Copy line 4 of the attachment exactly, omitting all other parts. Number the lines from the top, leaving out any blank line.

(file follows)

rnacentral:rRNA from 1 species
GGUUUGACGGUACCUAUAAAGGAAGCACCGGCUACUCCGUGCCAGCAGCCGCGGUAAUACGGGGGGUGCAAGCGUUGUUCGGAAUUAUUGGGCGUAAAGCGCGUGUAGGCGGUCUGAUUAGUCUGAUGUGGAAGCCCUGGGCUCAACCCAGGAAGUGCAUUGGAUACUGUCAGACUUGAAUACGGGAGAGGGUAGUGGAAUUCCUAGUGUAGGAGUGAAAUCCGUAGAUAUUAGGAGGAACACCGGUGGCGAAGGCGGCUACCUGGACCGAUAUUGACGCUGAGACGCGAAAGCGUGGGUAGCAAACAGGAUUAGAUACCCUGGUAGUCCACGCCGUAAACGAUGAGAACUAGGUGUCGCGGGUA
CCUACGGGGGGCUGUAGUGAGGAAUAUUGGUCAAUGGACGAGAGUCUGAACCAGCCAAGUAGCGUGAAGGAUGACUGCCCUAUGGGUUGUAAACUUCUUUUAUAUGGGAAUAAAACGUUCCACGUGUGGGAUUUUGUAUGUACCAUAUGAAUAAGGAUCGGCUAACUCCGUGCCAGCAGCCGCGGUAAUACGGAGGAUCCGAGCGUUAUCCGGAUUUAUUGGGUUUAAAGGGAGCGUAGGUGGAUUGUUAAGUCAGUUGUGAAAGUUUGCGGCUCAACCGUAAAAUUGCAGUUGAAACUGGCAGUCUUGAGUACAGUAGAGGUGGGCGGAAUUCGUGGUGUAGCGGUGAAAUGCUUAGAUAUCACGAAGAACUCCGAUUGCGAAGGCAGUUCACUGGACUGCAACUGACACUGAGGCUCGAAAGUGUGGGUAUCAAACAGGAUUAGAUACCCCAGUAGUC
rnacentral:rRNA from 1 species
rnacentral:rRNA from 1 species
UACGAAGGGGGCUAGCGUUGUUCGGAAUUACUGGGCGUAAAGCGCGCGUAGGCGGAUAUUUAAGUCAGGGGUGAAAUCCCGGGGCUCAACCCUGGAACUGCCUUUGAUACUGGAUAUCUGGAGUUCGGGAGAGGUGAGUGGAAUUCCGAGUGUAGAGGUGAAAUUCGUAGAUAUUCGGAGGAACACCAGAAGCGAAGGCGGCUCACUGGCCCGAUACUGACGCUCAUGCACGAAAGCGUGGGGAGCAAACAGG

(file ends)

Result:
rnacentral:rRNA from 1 species